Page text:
Passport issuing officers are no better at identifying if someone is holding a fake passport photo than the average person, new research has revealed.
A pioneering study of Australian passport office staff by a team of psychologists from Aberdeen, York and Sydney, revealed a 15% error rate in matching the person to the passport photo they were displaying.
In real life this degree of inaccuracy would correspond to the admittance of several thousand travellers bearing fake passports.
The findings are published today (Monday August 18) in the journal PLOS ONE.
They add to University of Aberdeen led research funded by a £1.5million European Research Council grant that indicates one passport photo is not sufficient for security systems to be accurate.
This work suggests security measures would be enhanced if passports carried a multitude of images of a person.
Professor Mike Burton, Sixth Century Chair in Psychology at the University of Aberdeen said: “Psychologists identified around a decade ago that in general people are not very good at matching a person to an image on a security document.
“Familiar faces trigger special processes in our brain - we would recognise a member of our family, a friend or a famous face within a crowd, in a multitude of guises, venues, angles or lighting conditions. But when it comes to identifying a stranger it’s another story.
“The question we asked was does this fundamental brain process that occurs have any real importance for situations such as controlling passport issuing – and we found that it does.”
The ability of Australian passport officers, for whom accurate face matching is central to their job and vital to border security, was tested in the latest study, which involved researchers from the Universities of Aberdeen, York and New South Wales Australia.
In one test, passport officers had to decide whether or not a photograph of an individual presented on their computer screen matched the face of a person standing in front of their desk.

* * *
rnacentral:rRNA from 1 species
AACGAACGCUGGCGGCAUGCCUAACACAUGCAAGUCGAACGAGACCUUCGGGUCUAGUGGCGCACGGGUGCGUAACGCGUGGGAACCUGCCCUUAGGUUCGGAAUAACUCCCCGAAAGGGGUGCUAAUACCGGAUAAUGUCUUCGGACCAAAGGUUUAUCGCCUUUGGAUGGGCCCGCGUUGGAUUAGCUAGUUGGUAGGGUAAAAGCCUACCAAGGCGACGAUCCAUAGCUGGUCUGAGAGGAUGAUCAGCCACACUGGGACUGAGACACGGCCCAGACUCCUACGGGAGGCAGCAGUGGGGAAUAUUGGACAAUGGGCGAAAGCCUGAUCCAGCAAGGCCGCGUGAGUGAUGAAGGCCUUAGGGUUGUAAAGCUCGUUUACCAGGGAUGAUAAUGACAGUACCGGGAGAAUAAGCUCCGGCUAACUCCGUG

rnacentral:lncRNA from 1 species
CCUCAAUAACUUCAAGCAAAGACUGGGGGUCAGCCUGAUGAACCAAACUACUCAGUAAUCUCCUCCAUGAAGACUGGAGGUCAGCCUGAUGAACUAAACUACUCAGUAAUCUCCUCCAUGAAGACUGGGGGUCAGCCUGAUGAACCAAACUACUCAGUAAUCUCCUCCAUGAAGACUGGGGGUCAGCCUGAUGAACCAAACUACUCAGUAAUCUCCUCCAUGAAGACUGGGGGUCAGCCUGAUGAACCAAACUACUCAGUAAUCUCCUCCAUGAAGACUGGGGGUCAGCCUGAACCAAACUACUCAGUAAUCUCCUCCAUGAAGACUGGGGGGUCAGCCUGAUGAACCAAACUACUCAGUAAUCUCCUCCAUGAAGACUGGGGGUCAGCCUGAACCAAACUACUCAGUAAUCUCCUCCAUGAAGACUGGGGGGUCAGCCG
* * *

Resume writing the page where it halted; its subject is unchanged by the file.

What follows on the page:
It was found that on 15% of trials the officers decided that the photograph on their screen matched the face of the person standing in front of them, when in fact, the photograph showed an entirely different person.
Dr Rob Jenkins from the Department of Psychology at the University of York said: “This level of human error in Australian passport office staff really is quite striking, and it would be reasonable to expect a similar level of performance at UK passport control.
“At Heathrow Airport alone, millions of people attempt to enter the UK every year. At this scale, an error rate of 15% would correspond to the admittance of several thousand travellers bearing fake passports.”
UK Passports are valid for a 10 year period and as a result officers also have to take into account changes in a person’s appearance over time.
In a second test, the passport officers were asked to match current face photos to images taken 2 years ago or to genuine photo-ID documents including passports and driving licences.
Familiar faces trigger special processes in our brain - we would recognise a member of our family, a friend or a famous face within a crowd, in a multitude of guises, venues, angles or lighting conditions. But when it comes to identifying a stranger it's another story." Professor Mike Burton